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In Illustrator CS5 One-on-One: Mastery, the third and final part of the comprehensive Illustrator One-on-One series, author and industry expert Deke McClelland shows how to take advantage of the wide array of dynamic effects in Illustrator CS5. Deke explores Illustrator’s powerful Gradient Mesh feature, great for creating photorealistic airbrushing effects. He also covers graphic styles, the liquify tools, envelope-style distortions, the new Bristle Brushes, 3D text, and perspective drawing. Exercise files accompany the course.
In this exercise, I am going to introduce you to the next three Liquify tools which are Twirl, Pucker, and Bloat. I have gone ahead and saved my progress as Repeatedly warped horse.ai, and as you may recall, my horse is selected, but I've hit the selection outlines. So it's ready for more warping anytime I like. But before I start, I want to darken up my horse. I want it to look pitch black against this blue background. So I will go over to the color panel, make sure that my fill is selected, and then go to the flyout menu and switch to CMYK. And then I will dial in 50% for the Cyan, Magenta, and Yellow values, and I'll leave the black value set to 100%, and now we've got a rich, black horse, which is just the way it ought to be.
I am going to switch to the Twirl tool, and I'll go ahead and Shift+Alt+Drag like so--Shift+Option+Drag on the Mac-- to create a big, huge brush, and I'll click on the horse's face just ever so briefly. And you can see I end up twirling the face in a counterclockwise direction: that's the default behavior. Well, that default behavior is for beans; that's awful behavior. So I am going to press Ctrl+Z, or Command+Z on the Mac, to undo that change, and I'll go up to the Twirl tool in this tear-off panel, double-click on it, and I am going to make a couple of changes.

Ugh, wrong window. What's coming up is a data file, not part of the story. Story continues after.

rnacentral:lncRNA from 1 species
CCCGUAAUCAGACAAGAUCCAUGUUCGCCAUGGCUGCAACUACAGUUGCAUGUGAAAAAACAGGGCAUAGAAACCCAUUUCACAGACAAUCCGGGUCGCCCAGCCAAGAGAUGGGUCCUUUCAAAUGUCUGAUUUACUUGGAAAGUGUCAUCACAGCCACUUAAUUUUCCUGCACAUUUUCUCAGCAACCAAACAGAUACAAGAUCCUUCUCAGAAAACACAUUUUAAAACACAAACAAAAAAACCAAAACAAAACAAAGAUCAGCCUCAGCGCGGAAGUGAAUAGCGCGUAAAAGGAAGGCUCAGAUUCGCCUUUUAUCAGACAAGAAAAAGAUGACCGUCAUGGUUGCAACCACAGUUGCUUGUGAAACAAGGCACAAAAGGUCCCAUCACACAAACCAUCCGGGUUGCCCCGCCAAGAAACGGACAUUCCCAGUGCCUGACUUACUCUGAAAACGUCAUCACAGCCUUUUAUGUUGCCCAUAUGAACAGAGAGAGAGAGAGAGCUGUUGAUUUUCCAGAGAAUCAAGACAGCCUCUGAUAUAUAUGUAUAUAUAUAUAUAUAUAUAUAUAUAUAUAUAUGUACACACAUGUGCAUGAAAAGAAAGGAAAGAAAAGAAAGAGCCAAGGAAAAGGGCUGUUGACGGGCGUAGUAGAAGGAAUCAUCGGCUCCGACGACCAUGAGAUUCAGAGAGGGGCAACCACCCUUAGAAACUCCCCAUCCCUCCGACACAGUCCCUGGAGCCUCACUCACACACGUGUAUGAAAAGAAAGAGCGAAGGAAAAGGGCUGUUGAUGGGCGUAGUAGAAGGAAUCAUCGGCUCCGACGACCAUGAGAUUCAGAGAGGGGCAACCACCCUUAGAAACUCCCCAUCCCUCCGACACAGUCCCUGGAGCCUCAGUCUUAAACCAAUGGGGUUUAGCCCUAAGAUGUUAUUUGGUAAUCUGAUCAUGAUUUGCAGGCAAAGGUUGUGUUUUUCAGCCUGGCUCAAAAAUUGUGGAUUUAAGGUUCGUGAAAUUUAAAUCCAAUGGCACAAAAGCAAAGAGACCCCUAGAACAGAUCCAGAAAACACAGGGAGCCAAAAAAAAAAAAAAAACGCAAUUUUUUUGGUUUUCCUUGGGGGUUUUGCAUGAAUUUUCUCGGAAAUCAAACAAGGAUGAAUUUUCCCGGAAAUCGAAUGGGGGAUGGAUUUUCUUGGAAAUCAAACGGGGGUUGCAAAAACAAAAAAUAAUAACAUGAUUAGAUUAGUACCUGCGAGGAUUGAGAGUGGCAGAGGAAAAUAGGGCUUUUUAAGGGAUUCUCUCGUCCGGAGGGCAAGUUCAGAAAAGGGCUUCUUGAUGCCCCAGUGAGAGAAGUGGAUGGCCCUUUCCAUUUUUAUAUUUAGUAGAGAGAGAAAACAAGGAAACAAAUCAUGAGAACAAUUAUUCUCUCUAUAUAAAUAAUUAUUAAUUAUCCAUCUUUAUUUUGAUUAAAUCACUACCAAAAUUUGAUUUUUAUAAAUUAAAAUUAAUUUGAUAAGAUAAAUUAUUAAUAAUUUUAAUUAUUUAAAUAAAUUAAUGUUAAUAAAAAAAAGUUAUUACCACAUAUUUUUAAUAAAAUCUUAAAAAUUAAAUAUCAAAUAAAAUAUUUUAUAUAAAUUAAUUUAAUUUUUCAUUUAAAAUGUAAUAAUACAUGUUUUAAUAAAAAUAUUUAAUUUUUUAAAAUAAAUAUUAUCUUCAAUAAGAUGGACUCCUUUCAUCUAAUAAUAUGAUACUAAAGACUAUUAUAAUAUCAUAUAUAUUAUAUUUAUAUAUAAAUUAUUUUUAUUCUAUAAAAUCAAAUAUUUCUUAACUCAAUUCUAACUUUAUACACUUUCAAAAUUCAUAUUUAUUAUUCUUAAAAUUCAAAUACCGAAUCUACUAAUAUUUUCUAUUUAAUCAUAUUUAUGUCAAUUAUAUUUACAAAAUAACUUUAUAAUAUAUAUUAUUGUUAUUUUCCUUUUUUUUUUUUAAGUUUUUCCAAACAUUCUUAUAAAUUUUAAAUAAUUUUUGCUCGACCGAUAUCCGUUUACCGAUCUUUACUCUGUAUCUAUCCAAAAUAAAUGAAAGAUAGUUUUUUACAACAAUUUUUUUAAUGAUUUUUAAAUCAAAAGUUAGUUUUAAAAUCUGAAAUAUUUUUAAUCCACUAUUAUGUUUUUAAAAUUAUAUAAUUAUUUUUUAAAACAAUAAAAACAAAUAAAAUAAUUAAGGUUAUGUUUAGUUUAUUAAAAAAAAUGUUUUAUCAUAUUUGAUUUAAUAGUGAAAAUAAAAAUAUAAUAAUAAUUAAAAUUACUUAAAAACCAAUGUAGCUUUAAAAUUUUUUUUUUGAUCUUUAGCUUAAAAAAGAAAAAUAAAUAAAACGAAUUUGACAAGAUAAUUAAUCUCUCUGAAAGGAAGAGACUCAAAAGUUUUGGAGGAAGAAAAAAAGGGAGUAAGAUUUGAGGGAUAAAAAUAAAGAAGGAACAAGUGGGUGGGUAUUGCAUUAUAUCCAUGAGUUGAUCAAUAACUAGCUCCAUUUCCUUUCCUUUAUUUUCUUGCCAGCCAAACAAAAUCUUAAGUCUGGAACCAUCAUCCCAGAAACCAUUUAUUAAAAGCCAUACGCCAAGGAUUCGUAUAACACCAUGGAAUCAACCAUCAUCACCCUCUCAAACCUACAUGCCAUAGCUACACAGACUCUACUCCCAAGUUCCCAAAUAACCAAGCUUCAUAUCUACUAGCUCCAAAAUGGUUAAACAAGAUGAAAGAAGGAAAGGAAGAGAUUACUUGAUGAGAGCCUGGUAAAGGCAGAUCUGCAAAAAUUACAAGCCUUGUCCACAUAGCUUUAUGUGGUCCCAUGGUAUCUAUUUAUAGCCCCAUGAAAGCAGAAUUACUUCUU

First of all, I am going to turn Simplify off. So Detail and Simplify are independent tool settings, whereas these Global Brush Dimension settings here affect all the tools in kind. Now we've also got a new option here inside the Twirl Tool Options dialog box, and that's Twirl Rate, and currently it's way too fast. Now notice, by the way, you can either say that you want to twirl in a clockwise direction, which is a negative value, or a counterclockwise direction, which would be a positive value. I know that's not entirely intuitive, but that's the way it works.